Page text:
About 7 years ago I ordered some addiction memoir off of Amazon. Pre kindle, I awaited it’s snail mail arrival. When the package came, it was a pastel hardcover called Attitudes of Gratitude. I was perplexed; figured it was a mix up with the barcode. Putting it in the mail to return, I was annoyed and impatient to get my book. A few days later, another package. Another copy of Attitudes of motherfucking Gratitude. I was livid. Are you laughing yet? This was reminiscent of the guy drowning, waiting for God to save him:
It’s comical to me, now. I clearly wasn’t ready for the message the universe was sending me: slow down, look around and be thankful for everything you have in life. No, not the material things (although it’s fine to appreciate those, they aren’t the important stuff). I’m talking about the people, animals, relationships, experiences that bring you joy. What happens when there aren’t a lot of those? The majority of us are afflicted by stress, illness, injury, poverty, shitty jobs, financial hardship, dysfunctional unions etc.. The positive vibes only mantra can seem downright obscene in the face of what we’re all dealing with in the world today.
I’m not about to preach about the importance of seeing the glass as half full. I think we all know by now that optimism keeps you younger, happier, more hopeful and less stressed. But when you’re trapped in the quagmire of negative thinking, hearing that shit is as grating as nails on a chalkboard. I’m just here to say that I get it. Life can fucking suck. It can be god.damn.difficult to focus on the positive aspects of your existence. Start small. Write them down (I know it’s a pain-start with just a line or two). Nothing is too ridiculous; sometimes the cute antics of the dog or a new candle from Bath and Body is as good as it gets on a random rainy Tuesday when you’re bogged down by school, shitty drivers and bad vegan pizza.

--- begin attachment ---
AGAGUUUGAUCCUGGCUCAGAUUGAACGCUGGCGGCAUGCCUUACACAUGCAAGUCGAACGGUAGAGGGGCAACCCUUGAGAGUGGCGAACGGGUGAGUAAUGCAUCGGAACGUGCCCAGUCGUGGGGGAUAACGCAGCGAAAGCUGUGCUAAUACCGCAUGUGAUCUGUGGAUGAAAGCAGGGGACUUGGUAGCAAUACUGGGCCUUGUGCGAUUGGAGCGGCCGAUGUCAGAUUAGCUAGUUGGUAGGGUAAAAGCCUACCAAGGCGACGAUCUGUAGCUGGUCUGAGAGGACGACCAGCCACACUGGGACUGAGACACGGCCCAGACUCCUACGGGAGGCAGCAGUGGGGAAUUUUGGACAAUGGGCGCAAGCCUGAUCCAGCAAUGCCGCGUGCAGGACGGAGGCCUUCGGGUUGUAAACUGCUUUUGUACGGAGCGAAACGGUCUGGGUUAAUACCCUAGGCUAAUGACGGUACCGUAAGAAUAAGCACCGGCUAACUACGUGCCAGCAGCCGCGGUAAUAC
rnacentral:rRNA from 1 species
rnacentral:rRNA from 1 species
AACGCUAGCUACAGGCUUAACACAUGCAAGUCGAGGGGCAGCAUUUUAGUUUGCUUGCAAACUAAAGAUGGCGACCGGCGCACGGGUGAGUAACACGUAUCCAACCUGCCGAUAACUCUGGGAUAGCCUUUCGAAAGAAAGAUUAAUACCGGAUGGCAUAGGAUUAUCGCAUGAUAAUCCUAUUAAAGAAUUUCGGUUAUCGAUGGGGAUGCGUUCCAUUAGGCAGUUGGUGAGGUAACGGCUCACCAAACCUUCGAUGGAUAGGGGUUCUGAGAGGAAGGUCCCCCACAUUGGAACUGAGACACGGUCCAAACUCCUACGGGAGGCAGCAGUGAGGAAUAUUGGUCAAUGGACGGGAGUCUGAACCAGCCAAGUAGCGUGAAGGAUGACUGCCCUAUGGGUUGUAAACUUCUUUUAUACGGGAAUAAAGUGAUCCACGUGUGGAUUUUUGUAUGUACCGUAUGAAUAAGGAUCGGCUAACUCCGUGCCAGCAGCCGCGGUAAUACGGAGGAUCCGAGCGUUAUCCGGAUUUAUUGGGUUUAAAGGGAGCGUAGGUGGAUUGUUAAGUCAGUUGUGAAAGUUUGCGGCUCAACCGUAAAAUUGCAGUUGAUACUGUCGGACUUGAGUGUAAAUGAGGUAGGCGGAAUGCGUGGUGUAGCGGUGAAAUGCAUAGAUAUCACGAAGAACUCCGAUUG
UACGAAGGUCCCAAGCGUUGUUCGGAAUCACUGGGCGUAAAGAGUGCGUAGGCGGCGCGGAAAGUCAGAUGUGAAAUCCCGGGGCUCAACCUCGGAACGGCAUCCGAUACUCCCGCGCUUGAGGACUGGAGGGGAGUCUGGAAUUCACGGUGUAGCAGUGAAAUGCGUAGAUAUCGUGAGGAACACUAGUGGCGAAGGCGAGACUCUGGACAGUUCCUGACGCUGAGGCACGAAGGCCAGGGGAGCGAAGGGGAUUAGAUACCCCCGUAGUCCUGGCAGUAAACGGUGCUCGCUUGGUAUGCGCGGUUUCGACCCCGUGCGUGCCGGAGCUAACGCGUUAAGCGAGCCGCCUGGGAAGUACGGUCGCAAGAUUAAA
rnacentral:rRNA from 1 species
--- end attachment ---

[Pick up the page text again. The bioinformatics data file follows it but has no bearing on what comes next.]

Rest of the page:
The thing is…it works. When you change your thought patterns, you change your knee jerk reactions. You are more in control of your emotions. Don’t take my word for it; check out Joe Dispenza and Dr. David Burns. If you’re feeling really ambitious, hop over here and take a look at some hope for the future: https://charleseisenstein.org/. I always used to think people who advised you to change the way you think/react/address life, either had ulterior motives, were holier than thou/ condescending AF, or were trying to sell you something. Some are. But a lot of us just see the depths of life’s suffering in technicolor, and know that it doesn’t have to be this way. We can become changemakers. We can usher in a new way of thinking and feeling about the world and our fellow inhabitants. But it takes a group effort. Don’t be old me; so trapped in iron clad beliefs that it prevents you from seeing the beauty of possibility around every corner.